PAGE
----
As for Canada’s response to ISIS, as I think we’ve discussed before, I’m torn on this one and I understand hesitation as a result. ISIS is the most evil force we know of that currently operates in this world and I do believe “we” should do something about it. I’m just tired of it always being the U.S. I personally think the moderate Arab countries should be taking the lead on this with us in a supporting role rather than the reverse.

        Liked by 3 people

      • I completely agree with having the more moderate Arab countries helping out more but within their populations they have a large segment that, though they may find the methods ISIS uses a bit extreme, they kind of agree with them on principal. I think in this war the U.S. will be getting more help. And I do hope Canada contributes more. I think education is the key but this will take a long time.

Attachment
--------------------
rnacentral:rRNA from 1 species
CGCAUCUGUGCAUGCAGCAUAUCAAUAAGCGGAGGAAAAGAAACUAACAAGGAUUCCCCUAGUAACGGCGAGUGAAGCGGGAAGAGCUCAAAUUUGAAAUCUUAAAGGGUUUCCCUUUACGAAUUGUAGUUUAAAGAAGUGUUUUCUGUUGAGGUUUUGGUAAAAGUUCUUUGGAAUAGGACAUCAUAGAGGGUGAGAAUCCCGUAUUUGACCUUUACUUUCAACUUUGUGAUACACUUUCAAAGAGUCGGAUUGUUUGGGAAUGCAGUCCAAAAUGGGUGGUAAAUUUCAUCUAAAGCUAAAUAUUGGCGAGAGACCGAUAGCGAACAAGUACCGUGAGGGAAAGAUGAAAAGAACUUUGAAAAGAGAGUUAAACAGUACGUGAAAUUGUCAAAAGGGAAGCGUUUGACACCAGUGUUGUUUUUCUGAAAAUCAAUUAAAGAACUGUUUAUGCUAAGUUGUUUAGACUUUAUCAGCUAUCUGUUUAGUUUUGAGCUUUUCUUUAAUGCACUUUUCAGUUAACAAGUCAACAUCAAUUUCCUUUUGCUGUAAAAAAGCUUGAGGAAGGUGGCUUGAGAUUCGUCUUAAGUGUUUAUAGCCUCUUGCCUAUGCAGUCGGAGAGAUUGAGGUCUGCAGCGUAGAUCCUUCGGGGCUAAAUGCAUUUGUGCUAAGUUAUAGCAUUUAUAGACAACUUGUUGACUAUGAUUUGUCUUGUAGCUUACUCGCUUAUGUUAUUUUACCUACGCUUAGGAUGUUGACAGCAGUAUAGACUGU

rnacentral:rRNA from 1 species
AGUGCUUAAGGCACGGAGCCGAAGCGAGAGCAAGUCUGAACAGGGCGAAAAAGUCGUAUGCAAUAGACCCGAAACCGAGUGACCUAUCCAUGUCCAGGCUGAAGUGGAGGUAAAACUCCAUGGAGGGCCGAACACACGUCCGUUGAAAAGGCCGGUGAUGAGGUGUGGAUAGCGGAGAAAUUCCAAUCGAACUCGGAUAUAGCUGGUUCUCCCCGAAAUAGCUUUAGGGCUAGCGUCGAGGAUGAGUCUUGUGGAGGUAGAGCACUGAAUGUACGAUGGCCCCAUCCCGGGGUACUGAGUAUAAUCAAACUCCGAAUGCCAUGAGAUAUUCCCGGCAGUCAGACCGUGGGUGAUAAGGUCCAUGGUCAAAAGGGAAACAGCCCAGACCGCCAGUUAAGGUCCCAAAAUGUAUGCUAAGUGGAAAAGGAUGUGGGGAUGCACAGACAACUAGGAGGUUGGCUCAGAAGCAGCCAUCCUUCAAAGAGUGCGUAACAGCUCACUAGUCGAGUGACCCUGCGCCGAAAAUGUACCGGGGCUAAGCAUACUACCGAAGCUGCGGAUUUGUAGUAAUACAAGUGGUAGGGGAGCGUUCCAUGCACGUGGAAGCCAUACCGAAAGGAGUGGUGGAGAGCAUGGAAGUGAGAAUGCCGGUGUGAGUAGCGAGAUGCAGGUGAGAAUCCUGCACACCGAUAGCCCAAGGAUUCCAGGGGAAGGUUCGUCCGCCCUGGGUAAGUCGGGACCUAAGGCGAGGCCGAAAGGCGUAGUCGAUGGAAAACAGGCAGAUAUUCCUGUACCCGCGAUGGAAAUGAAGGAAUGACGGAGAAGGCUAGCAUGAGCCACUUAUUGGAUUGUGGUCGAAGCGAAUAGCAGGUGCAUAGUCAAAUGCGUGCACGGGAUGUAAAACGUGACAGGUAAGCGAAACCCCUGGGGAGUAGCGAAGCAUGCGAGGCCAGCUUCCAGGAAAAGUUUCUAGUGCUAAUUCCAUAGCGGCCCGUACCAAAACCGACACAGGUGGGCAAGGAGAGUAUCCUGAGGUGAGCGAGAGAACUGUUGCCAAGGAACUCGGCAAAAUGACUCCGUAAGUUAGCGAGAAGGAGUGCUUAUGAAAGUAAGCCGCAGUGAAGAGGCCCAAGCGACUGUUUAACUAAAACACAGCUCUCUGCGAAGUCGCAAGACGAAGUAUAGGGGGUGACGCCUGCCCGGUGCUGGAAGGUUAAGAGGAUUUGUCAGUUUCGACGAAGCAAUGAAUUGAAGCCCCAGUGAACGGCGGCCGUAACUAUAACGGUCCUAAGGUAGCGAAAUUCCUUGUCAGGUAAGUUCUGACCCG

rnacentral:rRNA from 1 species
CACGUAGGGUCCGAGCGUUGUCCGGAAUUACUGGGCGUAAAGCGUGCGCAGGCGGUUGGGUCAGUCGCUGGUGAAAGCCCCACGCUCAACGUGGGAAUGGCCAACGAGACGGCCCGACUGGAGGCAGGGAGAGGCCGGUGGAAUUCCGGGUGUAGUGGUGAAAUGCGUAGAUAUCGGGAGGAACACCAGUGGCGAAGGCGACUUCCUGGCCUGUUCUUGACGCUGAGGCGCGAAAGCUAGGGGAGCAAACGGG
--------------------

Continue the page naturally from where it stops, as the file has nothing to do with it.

Liked by 1 person

      • I understand the limitations many of the moderate Arab countries have, but why can’t the leaders of those countries do things that are unpopular with their people when our leaders do it all the time. There comes a point when leaders are supposed to lead, not just stick their finger in the air to see which direction the wind is blowing in. This is the problem I have with most “moderate” Arab leaders — they are more concerned with self-preservation and maintaining power than with doing what is right and leading their nations and people out of this backward morass that defines so much of what goes on in that part of the world.

        Liked by 1 person